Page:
What I’m going to tell you is a cowboy story, indeed, the story of one particular cowboy, who split his life between family, saddles and guitars. A cowboy who has always followed a code of life, simple but precise, where country, work, honesty, love and respect for others are serious and indispensable concepts. A cowboy, who, through hundreds of songs, spoke of a world, that of the North American West, which is slowly fading away, giving space to a modern one. A cowboy, who, no longer with us, will live on through his music, every time someone will play it. A cowboy who became a star, but probably would simply want to be remembered as one of many cowboys of the prairie. The story I am about to tell is the life of Chris Ledoux.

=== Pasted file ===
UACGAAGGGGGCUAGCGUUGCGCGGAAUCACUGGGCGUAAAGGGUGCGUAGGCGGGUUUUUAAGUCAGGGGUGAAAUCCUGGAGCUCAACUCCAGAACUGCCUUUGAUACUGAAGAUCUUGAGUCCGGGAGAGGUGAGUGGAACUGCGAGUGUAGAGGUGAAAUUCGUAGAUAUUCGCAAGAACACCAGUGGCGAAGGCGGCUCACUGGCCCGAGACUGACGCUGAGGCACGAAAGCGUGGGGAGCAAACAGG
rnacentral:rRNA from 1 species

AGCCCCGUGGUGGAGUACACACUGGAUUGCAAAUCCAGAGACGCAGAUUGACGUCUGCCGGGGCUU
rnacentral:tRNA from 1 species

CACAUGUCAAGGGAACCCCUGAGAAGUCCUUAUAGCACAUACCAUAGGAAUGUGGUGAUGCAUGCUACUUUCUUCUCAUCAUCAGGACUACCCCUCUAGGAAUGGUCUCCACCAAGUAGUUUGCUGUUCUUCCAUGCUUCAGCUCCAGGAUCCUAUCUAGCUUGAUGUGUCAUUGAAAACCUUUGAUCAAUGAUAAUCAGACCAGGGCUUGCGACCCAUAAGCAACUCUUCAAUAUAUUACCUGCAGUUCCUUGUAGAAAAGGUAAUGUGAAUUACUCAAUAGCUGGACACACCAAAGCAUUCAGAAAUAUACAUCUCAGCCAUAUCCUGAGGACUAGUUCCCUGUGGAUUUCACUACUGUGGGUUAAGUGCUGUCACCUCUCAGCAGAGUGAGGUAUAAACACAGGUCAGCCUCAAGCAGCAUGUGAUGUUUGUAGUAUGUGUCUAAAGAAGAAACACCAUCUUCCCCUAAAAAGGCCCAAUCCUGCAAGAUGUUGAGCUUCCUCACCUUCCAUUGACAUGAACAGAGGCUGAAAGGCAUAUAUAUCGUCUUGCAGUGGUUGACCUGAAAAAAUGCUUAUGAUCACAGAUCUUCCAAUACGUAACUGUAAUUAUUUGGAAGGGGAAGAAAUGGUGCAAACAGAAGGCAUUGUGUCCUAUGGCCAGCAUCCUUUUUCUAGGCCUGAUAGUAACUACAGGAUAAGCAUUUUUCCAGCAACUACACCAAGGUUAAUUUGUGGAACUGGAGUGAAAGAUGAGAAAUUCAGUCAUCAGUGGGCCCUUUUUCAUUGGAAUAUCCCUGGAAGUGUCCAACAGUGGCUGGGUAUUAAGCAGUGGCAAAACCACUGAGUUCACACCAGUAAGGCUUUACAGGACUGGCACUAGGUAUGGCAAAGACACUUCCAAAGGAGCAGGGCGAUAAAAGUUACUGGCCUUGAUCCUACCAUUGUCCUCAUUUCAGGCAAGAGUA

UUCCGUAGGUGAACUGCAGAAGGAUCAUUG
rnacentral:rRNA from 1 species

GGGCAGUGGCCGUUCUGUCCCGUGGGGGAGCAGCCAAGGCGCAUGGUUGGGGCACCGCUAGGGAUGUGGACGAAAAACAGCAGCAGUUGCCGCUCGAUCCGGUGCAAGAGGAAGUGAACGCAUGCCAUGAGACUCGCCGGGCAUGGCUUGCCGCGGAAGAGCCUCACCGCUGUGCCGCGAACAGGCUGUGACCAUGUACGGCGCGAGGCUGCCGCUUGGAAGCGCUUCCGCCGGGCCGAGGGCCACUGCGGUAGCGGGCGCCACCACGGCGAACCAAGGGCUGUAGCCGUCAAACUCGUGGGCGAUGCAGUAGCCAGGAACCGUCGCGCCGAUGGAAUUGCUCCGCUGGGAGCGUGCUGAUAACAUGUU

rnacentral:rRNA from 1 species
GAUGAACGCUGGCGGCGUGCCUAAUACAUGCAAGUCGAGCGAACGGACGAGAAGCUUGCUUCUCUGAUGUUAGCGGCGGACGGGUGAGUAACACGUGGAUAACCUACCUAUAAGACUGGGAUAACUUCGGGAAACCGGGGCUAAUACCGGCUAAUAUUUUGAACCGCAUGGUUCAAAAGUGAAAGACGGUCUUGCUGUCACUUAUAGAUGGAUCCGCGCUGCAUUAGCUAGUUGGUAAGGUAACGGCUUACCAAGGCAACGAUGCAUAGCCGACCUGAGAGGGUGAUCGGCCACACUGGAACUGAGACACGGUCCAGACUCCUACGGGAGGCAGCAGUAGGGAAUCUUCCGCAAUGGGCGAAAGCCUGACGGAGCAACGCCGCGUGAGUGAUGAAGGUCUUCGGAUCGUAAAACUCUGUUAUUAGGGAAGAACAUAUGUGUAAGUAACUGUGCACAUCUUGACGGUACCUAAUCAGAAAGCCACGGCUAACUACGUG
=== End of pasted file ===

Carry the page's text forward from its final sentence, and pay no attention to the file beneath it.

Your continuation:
Despite having chosen the State of Wyoming as his home, Chris Ledoux was born in Biloxi, Mississippi on October 2, 1948. The son of an American soldier, he is forced to move frequently with his family to pursue his father, first in Michigan where he learned to ride on his grandfather’s farm and then in Texas, in Denison, where, at the age of 13,he participated (and won) the his first rodeo. Having moved to Cheyenne in Wyoming, Chris went to Cheyenne Central High School, and in the meantime, continued winning in various rodeos. His specialty was bareback riding and shortly after he became National champion in the junior category. In 1970, the great leap forward of quality, he becomes a professional rodeo cowboy and enters the national circuit that leads him to travel through the States, far and wide. To help himself economically, and also, to overcome the loneliness that torments every rodeo cowboy between performances, Chris begins writing songs, and with his father, founded his own label; the American Cowboy Songs. However, it is not a major record label based in Nashville. The office is set up in the truck that LeDoux used to follow the rodeo circuit, The office is located in the back of the same truck and clients are spectators crossing the parking lot going to watch the rodeos. So, Chris is a professional cowboy who, on the side, to make some extra cash, sells his records directly to the public, before saddling up. In 1972 he marries Peggy Rhoades with whom he has five children and in 1976, at the National Final Rodeo in Oklahoma City is crowned Bareback Riding World Champion. Being World Champion, even his career as a musician gets a boost, but small time, seeing that he is only known to those who attend rodeos. In 1980, after yet another “work accident” he retires from competitions and buys a ranch in Kaycee WY, where he devotes himself to his family and cattle breeding. However, he continues writing songs, and sold over 200,000 records without using publicity through radio and television, some record labels are trying to sign him, but Chris hesitates to sign a real record contract. Firstly, he wants to continue to be master of his own music ,and secondly,he feels that he needs to wait for the right opportunity. This arrives in 1989 thanks to rising star of country music, Garth Brooks, who releases the single “Much Too Young (To Feel This Damn Old).” Garth Brooks’ career is on the rise and every new song is eagerly awaited by millions of fans in all of the States. In Much Too Young (which jumps to the top of the Billboard charts in a few days) Garth sings “worm out tapes of Chris Ledoux” and immediately triggers an uproar. Who is this Chris Ledoux, who has among his fans, even Garth Brooks? Capitol, one of the most important global majors (and label of Garth Brooks through Liberty) calls him and convinces him to sign a proper contract. In 1991, Western Underground is released and is a worldwide success. The following year, Chris Ledoux records Whatcha Gonna Do With A Cowboy which went gold in just a few weeks. The title track is a duet with Garth Brooks with whom a lifelong friendship starts. Ledoux is a country music star, but the bright lights of success do not go to his head. He doesn’t come to compromises just to sell albums. He continues singing about his world of spurs, stampedes, lonely cowboys, horses and dusty rodeos. He speaks of the beauties of the West and in particular of Wyoming and even convinces the people at Capitol to republish on CD all his old records that he sold in the back of the truck back in the days of the rodeos. This move, from the economic point of view, seems very risky but the public welcomes these albums with an incredible enthusiasm. Accompanied by his band, called Western Underground, he plays “sold out” all over the country and in 2000 published “Cowboy” a disc that has a title that sounds almost like a confirmation. During the same year began the health problems. First of all, he needs a liver transplant, and thanks to a donor, he overcomes the crisis. Two more discs are recorded, but in 2004 he was diagnosed with a rare form of liver cancer and in March 2005, following complications,Chris Ledoux dies at the Hospital in Casper Wyoming at the age 56. The man dies, but not his spirit nor his music. Many albums remain, frescos of a rare beauty on the world of the modern West. Hundreds of songs remain, sung with that rough voice like raw hide but profound like a poem. A band remains, Western Underground, which has picked up the baton and carries out the same musical ideas. Affection remains, friends and a statue in a park in Kaycee, which pays homage to this character and, moreover, the figure of the greatest hero in American history: the cowboy of the prairies with no boundries (Gianluca Sitta)